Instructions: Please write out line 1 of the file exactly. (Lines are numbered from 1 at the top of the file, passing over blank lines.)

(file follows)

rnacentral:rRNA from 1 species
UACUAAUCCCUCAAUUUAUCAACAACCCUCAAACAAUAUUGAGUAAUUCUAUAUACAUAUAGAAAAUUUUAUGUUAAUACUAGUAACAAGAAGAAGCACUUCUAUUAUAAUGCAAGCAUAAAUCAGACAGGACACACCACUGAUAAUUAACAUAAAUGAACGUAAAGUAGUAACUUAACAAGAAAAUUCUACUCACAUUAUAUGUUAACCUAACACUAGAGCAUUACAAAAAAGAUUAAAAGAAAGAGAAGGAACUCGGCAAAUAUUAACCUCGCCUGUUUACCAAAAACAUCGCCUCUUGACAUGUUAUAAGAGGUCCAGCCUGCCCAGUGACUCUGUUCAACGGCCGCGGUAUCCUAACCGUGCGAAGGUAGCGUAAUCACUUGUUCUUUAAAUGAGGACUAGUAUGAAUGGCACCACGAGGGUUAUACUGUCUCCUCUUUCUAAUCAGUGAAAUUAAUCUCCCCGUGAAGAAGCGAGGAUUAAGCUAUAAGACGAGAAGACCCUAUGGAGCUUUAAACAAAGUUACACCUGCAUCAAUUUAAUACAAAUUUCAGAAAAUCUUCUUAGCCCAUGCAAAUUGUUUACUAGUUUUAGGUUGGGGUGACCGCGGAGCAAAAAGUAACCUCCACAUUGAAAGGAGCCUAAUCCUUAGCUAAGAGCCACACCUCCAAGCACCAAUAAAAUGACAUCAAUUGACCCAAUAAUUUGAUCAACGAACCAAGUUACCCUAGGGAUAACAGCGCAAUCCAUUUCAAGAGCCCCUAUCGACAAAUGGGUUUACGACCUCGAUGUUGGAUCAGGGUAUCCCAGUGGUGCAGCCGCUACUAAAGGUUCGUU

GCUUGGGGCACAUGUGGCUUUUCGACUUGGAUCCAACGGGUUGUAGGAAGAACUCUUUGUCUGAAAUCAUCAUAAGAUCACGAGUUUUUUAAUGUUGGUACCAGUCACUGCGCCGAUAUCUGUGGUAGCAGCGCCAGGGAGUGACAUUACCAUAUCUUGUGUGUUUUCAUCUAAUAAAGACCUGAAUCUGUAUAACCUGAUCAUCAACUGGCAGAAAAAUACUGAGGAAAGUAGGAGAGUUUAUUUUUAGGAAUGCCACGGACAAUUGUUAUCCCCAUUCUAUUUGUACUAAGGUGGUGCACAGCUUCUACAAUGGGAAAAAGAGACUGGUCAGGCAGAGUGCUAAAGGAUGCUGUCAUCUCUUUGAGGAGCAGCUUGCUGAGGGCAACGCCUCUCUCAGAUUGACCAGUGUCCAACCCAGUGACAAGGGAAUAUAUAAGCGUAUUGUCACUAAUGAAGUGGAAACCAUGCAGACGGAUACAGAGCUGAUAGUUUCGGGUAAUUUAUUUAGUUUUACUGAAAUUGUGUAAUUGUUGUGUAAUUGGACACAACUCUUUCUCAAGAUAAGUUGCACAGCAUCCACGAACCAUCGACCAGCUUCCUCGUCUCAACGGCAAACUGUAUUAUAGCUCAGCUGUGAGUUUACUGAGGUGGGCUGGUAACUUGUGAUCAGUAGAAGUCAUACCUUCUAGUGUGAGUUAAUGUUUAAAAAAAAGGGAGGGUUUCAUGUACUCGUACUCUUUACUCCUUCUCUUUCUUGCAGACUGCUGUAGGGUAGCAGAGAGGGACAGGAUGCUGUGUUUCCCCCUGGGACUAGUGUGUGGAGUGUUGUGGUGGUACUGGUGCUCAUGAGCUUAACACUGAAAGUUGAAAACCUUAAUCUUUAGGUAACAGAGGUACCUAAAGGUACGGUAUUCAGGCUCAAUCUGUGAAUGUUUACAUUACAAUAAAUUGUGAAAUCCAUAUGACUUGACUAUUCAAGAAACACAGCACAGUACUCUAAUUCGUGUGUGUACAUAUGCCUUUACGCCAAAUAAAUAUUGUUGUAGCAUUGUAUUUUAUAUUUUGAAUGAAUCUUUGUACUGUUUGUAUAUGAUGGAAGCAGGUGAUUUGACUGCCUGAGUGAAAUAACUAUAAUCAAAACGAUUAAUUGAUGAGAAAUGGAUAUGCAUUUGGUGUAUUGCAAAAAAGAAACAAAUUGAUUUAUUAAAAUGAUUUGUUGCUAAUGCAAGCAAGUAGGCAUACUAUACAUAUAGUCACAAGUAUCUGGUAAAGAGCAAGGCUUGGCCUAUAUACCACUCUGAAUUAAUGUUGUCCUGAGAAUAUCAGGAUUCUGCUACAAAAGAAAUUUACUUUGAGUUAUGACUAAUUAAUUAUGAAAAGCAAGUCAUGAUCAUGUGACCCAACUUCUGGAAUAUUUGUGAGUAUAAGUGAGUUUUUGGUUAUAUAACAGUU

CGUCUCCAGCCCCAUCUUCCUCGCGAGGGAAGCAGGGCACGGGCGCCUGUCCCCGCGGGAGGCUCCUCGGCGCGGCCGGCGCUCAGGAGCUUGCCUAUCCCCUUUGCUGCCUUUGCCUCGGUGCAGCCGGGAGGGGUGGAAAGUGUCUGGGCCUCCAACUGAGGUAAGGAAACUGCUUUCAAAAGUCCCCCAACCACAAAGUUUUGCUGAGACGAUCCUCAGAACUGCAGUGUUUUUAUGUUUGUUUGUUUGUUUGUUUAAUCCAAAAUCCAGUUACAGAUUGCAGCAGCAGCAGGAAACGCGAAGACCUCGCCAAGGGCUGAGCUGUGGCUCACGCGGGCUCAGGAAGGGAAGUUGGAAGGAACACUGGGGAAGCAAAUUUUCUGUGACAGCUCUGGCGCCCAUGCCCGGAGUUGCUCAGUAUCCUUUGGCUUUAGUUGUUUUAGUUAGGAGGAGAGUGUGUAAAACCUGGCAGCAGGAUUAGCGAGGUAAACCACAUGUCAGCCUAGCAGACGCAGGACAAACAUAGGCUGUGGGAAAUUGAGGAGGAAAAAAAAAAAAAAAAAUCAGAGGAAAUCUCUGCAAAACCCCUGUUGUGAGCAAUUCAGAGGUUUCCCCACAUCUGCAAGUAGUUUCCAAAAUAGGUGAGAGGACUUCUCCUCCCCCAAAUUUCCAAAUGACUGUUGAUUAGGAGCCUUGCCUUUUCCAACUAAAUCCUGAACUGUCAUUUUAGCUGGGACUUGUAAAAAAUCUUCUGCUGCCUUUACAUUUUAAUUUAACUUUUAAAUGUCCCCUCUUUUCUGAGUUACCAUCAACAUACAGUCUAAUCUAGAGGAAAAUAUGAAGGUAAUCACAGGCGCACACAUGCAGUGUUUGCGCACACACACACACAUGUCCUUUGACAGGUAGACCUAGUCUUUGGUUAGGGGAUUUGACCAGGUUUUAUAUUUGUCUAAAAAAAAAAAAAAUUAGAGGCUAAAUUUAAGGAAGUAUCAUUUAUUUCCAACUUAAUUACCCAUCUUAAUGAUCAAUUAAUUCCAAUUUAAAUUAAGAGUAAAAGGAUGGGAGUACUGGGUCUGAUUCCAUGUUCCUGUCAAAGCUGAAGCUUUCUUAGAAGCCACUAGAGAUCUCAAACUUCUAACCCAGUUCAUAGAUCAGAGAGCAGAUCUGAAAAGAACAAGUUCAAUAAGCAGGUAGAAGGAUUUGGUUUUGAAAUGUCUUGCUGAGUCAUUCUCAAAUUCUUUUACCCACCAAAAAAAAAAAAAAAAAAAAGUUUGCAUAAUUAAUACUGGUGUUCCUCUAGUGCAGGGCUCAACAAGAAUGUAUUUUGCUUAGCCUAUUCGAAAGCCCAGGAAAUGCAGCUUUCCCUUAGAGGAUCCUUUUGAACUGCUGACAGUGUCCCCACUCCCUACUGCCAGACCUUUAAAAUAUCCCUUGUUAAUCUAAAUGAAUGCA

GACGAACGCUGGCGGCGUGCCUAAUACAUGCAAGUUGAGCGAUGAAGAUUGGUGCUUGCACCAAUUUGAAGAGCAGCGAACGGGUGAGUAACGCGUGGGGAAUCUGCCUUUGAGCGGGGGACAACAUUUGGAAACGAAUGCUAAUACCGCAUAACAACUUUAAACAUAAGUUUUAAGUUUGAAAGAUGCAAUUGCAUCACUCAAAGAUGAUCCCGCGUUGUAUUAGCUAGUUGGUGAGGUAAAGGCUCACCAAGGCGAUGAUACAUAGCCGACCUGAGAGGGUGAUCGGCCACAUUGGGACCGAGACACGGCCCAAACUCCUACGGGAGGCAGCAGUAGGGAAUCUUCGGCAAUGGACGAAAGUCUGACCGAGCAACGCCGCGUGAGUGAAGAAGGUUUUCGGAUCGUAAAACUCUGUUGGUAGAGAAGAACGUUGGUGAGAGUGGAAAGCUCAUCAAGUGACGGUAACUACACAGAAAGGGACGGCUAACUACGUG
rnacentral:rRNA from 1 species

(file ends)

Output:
rnacentral:rRNA from 1 species